I’ve had my first failure in my pioneer cookbook adventure. (Formerly, Throwback Thursday) I attempted two more recipes this week. One was an utter failure and one mostly worked. (Tasted wonderful, but, didn’t look quite right!) Well, when you’re dealing with old terms and skimpy recipes with very little instructions, it’s bound to happen.
So, here’s the latest episode in my adventure cooking with the…
1903 – GOOD HOUSEKEEPING EVERYDAY COOK BOOK
When dealing with these old cookbooks, there aren’t any oven temps, as there are in modern cookbooks. (Remember: they had wood burning ovens back then). So, I did a bit of research and found the following chart, which has been a great guide so far. I’ll put it on my side panel, in case anyone should need it.
My Flannel Cake Failure:
Ok, I must have read this recipe a dozen times. And, every time I asked the same thing. WHERE’S THE FLOUR? I couldn’t fathom how it would work without flour. Nope, not an ounce of flour. I mean there’s 3 cups of milk and 2 eggs! That’s A LOT of liquid, without flour! How is that supposed to work? It’s a typo, I think. I did research on flannel cakes, and every recipe had at least 2 cups of flour. So, basically, flannel cakes are just like pancakes.
But, just for kicks, I mixed up the batter, EXACTLY AS PRINTED. The only difference was I didn’t have cream of tartar. After doing research, I found out I could use vinegar as a substitute. Here’s what I used:
I decided to try and “cook” them. Well, as you’d expect, it turned out…well…quite poorly. You can see the result below, kind of like sweet, white scrambled eggs. I ended up dumping out the batter, but, next time, I’ll try it with flour, and make them properly.
Ok, yes I know these look great in the pan, but, they were next to impossible to get out of the pan. By the time I got the first batch out of the pan, they were quite deflated and looked like this:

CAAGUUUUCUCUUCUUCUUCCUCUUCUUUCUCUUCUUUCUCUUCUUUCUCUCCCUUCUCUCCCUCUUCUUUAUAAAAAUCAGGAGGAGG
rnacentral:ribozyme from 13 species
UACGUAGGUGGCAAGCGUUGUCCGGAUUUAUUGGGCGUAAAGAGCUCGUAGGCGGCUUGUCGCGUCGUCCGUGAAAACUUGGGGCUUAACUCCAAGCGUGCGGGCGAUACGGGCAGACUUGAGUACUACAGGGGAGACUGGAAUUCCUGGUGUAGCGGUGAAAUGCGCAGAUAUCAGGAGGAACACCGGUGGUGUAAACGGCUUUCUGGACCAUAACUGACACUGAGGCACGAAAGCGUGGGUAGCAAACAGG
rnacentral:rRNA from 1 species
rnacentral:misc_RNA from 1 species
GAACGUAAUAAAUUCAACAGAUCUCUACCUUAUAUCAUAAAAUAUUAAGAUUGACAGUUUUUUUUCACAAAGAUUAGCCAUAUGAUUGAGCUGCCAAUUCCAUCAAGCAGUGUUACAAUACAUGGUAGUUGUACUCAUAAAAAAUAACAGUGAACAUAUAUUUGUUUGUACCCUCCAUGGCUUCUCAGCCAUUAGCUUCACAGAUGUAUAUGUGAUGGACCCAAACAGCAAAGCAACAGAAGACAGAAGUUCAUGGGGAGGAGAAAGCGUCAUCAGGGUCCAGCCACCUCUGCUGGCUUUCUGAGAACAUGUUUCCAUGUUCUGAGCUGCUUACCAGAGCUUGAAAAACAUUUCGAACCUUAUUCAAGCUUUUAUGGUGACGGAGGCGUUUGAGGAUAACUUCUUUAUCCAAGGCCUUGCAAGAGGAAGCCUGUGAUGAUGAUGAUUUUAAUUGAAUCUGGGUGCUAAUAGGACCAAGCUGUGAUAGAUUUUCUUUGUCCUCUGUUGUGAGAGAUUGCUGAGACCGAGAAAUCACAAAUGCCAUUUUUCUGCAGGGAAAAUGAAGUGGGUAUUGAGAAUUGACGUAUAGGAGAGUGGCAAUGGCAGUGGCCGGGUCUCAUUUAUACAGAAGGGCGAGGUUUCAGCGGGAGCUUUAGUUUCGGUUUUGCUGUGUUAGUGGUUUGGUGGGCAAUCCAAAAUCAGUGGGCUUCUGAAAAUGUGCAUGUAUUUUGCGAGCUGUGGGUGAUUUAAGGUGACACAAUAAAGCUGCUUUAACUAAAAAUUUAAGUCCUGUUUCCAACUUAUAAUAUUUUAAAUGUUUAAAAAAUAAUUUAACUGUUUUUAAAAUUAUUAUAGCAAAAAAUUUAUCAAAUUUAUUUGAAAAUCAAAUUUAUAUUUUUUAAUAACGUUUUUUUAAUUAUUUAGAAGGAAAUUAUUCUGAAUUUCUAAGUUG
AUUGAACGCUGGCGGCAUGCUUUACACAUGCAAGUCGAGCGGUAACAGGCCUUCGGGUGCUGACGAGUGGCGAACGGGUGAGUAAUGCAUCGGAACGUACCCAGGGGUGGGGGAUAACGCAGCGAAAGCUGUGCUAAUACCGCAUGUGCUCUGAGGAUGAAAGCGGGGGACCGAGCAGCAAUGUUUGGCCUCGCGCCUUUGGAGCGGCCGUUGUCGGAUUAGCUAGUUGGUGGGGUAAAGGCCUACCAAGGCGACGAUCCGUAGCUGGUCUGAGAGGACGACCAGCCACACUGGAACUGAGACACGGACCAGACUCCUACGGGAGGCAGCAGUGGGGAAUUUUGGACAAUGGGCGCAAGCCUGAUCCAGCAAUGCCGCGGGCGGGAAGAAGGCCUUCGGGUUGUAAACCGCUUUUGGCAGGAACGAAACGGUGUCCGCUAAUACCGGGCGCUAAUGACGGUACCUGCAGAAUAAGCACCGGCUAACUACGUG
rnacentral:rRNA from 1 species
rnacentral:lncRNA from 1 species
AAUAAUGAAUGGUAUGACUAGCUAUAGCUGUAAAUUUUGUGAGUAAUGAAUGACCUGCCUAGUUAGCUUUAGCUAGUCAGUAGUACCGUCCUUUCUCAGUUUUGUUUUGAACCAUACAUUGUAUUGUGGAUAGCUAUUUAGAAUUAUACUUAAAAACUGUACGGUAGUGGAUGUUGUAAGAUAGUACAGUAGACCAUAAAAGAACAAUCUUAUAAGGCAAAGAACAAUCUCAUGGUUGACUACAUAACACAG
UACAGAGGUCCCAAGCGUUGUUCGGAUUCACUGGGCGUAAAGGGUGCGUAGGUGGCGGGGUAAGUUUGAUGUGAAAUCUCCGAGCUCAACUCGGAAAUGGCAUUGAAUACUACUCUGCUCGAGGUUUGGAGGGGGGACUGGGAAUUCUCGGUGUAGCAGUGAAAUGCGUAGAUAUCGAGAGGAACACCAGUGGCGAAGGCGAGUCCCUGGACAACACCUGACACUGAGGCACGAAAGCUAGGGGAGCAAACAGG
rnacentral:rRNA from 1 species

These little gems are so difficult to remove from the pan, because they are so light and delicate, which is what makes them SOOO good. But, I decided to bake them on a pan, with the second batch.
So, there are two options with these: do it the modern way and use cupcake liners or make them like pancakes, on a griddle. Let me tell you, I think I prefer the pancake like option. Making them on a griddle for breakfast, in place of your regular pancake recipe would be amazing with some fresh fruit and a little honey or maple syrup. They’re already sweet, so you don’t need much.
Here’s the recipe:
- 4 pasture-raised eggs (whites only)
- 1 cup organic, grass-fed heavy cream
- 2 tablespoons organic sugar
- 1 teaspoon baking powder
- 1/2 cup organic einkorn all purpose flour (approximately)
- Beat egg whites to soft peaks and set aside.
- Mix heavy cream, sugar and baking powder in a bowl.
- Add flour till you get a pancake like batter, about 1/2 cup.
- Fold in beaten egg whites.
- Add to a buttered pan.
- Bake in a hot oven, until raised and golden brown. I baked mine at 425 degrees for about 20 minutes. Serve hot.
Well there you have it. A slightly bumpy part of my adventure in old fashioned cooking. I’m sure the flannel cakes will be fine, when I make t hem properly. I’m going to try the snowballs on the griddle AND in cupcake liners, and see which turns out best. I’ve decided to skip over several recipes in this baking powder bread section. I’m skipping the waffles, all the biscuits and all the corn bread/cakes.
So, stay tuned to the next edition of
MY PIONEER COOKBOOK ADVENTURE
when I make…
BOSTON BROWN BREAD.